A HISTORY OF THE BODY is a multidisciplinary theater project. We’re on hiatus until future iterations, but check out prior events and the promo video below!
March 11, 2015, 4-6pm, UC Berkeley: A History of the Body is back! Join me for a staged reading by the students in the Theater, Dance and Performance Studies program at UC Berkeley – the first in a year, and the latest (and greatest?) version of the script. Durham Studio Theater. Don’t know about the play? Watch this promo video.
Previous Iterations (2014): A History of the Body was Aimee’s work under her award from the Yerba Buena Center for the Arts, YBCAway. Check out this article/interview just out: https://www.facebook.com/notes/folks-at-bindlestiff/interview-with-a-history-of-the-body-playwright-aimee-suzara/10152020678634615
THANK YOU FOR SUPPORTING THE MAKING OF HISTORY!
A History of the Body is a multidisciplinary piece about colonization and the body, fusing dance, theater, poetry and visual art. The work examines the powerful effects of culture, history and media on our attitudes towards skin color, facial features and female beauty.
We’ve engaged in research about Filipino history and interviews with women about body image; we have completed several successful workshops with women about skin and beauty. It’s been an exciting process, and we are looking forward to sharing our vision with you. Scroll down for a fuller description of the project.
What Audiences have said:
“This show is a sweet “call” to us – immigrants and indigenous and African Americans, to understand how oppression, marketing, racism and dominance work and affect us. What have I done under this disturbed reality – did I change myself to fit in? – Isaura Oliveira, dance instructor, choreographer
“HOTB provokes many compelling questions and thoughts about Pinays, beauty, skin, body and perception in the context of American immigrant experience and the history of colonialism and imperialism.” – Christine Cordero
“Such a powerful show that not only demonstrates the history of the body but the epistemology of the Pinay.” / “Amazing. Brings the body, empire, empire, internalized oppression, colonial mentality, capitalism, white supremacy, etc. I felt like the show embodied parts of my childhood and instances in my life that I struggle with today.” – Jocyl Sacramento
“Hits home on how ethnicity is perceived in our society.” – Oscar Ramos
“Beautiful take on a recurring and important theme. Integration of the political and the personal.” – Lillian Galedo
“A History of the Body is an important work when looking at the effects of colonization. The effects of dominant, mainstream culture have such an immense influence on women, especially young women grappling with their identity. While typified beauty is a construction, History of the Body helps dismantle these constructions and forces the viewer to ask difficult questions. Crucial and imperative work that should be seen and experienced by all.” – Dorothy Santos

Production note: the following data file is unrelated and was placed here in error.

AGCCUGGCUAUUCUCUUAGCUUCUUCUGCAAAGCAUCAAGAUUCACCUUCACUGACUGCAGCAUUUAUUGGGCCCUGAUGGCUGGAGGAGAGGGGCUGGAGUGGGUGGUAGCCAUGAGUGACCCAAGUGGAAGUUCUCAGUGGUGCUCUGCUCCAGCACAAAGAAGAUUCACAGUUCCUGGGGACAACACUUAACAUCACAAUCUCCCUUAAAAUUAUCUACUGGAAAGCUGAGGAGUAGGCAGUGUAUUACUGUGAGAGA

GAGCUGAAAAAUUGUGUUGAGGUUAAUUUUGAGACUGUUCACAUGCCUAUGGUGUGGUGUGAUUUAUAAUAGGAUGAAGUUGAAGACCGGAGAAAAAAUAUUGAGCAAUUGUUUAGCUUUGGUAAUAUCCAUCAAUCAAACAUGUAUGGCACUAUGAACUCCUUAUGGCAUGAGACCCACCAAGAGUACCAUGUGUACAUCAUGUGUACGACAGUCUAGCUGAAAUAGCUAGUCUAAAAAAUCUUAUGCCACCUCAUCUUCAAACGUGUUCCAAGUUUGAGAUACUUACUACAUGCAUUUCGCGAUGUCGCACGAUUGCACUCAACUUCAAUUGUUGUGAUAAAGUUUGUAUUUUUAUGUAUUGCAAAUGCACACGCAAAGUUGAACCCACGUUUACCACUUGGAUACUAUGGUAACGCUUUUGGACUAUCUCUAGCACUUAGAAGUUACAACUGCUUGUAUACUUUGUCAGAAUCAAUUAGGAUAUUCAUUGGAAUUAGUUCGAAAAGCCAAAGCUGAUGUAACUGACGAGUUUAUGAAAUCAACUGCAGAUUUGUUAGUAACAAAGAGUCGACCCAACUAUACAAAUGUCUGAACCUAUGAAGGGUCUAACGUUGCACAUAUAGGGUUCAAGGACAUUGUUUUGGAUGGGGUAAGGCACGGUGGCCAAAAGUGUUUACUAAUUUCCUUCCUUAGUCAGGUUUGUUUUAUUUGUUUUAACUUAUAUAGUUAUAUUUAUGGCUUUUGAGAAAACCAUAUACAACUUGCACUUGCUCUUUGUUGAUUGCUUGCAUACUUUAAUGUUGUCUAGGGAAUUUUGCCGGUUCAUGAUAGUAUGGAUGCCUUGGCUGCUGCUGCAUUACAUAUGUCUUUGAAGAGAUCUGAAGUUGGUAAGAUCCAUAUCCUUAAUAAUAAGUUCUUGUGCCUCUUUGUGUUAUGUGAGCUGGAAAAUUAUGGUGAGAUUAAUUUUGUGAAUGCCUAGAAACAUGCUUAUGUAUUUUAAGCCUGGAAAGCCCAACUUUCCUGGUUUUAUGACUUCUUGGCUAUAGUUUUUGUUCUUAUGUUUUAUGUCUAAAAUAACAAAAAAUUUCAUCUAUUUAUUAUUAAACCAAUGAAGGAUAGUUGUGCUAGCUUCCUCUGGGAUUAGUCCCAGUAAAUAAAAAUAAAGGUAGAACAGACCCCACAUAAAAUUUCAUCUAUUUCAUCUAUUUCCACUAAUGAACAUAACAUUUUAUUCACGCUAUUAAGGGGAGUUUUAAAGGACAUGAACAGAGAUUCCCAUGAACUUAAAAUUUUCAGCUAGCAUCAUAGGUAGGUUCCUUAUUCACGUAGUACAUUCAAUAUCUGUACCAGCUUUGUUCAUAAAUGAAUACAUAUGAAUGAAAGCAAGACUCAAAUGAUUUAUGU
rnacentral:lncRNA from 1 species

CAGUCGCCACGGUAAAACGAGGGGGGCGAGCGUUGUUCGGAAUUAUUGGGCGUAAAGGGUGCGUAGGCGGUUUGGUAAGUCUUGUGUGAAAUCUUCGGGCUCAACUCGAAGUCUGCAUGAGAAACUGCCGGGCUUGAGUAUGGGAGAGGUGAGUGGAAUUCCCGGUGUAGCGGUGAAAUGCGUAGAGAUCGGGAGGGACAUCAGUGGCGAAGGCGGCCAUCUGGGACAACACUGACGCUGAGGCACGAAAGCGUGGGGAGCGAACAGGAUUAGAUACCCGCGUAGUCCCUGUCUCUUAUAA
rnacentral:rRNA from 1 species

“This show is important because it brings to light many issues being ignored by more mainstream artistic expression.” – James Simmons
“Impactful and well-written and acted!” – Chrissy Anderson-Zavala
ABOUT A HISTORY OF THE BODY
A History of the Body is a multidisciplinary piece fusing dance, theater, poetry and visual art to explore the impacts of colonization and the media on the body. In its story of two women—former friends with divergent ambitions and body politics – the work examines the modern-day attitudes towards lighter skin tone for Filipina women and women of color, the global rise in cosmetic whitening product use, as well as the historical events and stereotypes perpetuated at the turn of the century: specifically the portrayal of Filipinos as “dark” savages during the display of Filipinos at the 1904 St. Louis World’s Fair.
A History of the Body first emerged from Suzara’s original dance-text collaboration with Frances Sedayao at CounterPULSE’s Emerging Performance Festival in 2009. In 2009, the work was featured in two artist panels, “Immigration Politics and the Body” (co-curated by Suzara with Shaping SF at CounterPULSE), and Kularts’ “Indigenizing the Filipino Aesthetic.” A work-in-progress segment of its theatrical adaptation emerged in 2010 during Suzara’s artist-in-residency with Kularts, the premiere presenter of Filipino indigenous, tribal and contemporary art. In its most recent iterations, workshop productions of selected scenes, featuring choreography, visual design and music were directed by Pamela Wu Kochiyama in April-May 2013 at the World Theater in Monterey, CA and commissioned by the East Bay Community Foundation at the Oakland Asian Cultural Center as part of the United States of Asian America Festival. Engaging with audiences along the way, Suzara and her collaborative team have offered workshops, talks and presentations. Video clips and a promotional trailer are available by request and at http://www.aimeesuzara.net